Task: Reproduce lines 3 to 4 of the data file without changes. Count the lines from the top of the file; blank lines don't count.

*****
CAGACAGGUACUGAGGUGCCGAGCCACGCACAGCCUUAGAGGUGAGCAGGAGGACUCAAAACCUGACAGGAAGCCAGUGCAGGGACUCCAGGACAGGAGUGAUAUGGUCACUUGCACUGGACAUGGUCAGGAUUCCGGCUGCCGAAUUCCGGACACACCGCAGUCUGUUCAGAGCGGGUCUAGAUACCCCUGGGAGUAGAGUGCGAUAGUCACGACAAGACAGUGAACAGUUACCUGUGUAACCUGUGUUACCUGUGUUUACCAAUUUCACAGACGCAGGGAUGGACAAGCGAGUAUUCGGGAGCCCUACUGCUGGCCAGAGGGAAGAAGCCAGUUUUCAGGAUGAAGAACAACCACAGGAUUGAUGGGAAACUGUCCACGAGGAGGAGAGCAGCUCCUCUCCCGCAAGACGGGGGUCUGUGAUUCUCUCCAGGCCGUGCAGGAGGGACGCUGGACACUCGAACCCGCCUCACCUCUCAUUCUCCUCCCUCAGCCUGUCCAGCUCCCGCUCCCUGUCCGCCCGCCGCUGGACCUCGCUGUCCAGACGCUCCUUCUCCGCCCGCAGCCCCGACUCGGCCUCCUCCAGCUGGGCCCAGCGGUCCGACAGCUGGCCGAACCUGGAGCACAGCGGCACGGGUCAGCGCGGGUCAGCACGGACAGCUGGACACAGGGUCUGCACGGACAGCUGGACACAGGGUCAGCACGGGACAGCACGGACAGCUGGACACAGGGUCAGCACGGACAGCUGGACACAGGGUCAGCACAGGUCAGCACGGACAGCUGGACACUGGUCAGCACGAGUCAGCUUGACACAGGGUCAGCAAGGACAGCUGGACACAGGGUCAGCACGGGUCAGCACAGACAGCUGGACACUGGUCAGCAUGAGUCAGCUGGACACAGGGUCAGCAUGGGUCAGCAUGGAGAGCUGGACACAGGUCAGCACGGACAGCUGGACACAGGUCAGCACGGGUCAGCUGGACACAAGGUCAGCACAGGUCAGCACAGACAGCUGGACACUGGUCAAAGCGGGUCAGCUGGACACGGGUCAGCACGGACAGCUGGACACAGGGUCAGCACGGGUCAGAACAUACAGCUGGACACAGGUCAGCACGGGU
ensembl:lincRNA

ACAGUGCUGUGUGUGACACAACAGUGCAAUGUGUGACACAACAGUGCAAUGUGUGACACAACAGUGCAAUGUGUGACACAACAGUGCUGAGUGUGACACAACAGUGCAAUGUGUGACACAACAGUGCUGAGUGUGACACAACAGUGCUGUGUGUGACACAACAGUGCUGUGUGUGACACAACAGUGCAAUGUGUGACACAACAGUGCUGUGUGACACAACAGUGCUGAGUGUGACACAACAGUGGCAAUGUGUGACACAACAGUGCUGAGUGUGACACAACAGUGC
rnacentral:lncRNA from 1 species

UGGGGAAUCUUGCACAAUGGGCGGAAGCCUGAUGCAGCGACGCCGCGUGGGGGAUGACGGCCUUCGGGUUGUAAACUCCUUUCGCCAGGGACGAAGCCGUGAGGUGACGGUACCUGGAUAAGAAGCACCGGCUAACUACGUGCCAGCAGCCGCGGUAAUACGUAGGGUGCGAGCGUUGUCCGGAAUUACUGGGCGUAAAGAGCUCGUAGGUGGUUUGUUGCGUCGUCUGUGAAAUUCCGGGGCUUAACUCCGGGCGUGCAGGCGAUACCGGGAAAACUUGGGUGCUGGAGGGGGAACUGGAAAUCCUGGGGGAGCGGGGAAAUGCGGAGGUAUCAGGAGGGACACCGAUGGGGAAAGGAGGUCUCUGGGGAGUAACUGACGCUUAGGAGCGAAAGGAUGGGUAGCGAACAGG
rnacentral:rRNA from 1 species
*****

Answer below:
ACAGUGCUGUGUGUGACACAACAGUGCAAUGUGUGACACAACAGUGCAAUGUGUGACACAACAGUGCAAUGUGUGACACAACAGUGCUGAGUGUGACACAACAGUGCAAUGUGUGACACAACAGUGCUGAGUGUGACACAACAGUGCUGUGUGUGACACAACAGUGCUGUGUGUGACACAACAGUGCAAUGUGUGACACAACAGUGCUGUGUGACACAACAGUGCUGAGUGUGACACAACAGUGGCAAUGUGUGACACAACAGUGCUGAGUGUGACACAACAGUGC
rnacentral:lncRNA from 1 species